“We are all Japanese now”

Today’s quote of the day comes to us via Floyd Norris NYT column, High & Low Finance: Confronting High Risk and Banks.

The following refers to Congress browbeating FASB into changing its rules in March 2009:

“The purpose of financial reporting is to convey the results of the company. It is not to assure the company stays around.”

-Sandra Peters, the director of financial reporting for the CFA Institute, an investor advocacy group

The rule change has allowed banks to avoid disclosing bad investments, hide their losses, and generally avoid fair value accounting.  Instead, they get to use Mark-to-Make-Believe accounting.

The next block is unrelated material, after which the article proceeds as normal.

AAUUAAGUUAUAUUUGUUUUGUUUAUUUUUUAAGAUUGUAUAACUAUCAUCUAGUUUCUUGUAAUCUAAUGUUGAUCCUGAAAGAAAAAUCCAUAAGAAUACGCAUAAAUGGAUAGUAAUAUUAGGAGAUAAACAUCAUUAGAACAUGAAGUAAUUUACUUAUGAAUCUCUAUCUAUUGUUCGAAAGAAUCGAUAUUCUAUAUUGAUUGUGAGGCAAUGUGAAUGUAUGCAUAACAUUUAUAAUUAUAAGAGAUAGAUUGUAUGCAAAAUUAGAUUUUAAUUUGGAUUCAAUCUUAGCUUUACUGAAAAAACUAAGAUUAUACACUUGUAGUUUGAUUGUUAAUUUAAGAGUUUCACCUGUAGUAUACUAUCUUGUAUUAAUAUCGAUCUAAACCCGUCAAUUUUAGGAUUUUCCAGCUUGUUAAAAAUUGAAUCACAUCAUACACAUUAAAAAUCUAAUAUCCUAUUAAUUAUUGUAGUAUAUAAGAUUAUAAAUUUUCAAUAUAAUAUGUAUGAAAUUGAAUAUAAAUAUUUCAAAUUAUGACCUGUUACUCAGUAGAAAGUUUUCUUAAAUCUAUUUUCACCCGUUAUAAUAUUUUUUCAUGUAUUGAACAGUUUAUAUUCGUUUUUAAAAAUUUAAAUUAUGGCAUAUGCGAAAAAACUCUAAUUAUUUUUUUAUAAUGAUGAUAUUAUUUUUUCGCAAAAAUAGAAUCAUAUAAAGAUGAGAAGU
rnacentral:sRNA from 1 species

Hence, why their has been no hurry to sell bad assets — they don’t really exist if you do not have to account for them on your balance sheet.

Economist Milton Friedman (or was it Richard Nixon?)  was referring to a different era when he said “We are all Keynesians now.”

Had either man been alive today, the quote would be quite different, reflecting the ugly reality bailed out zombie banks, of private profits but socialized losses. Instead, it should be thus: “We are all Japanese now.


Confronting High Risk and Banks
NYT, December 10, 2009

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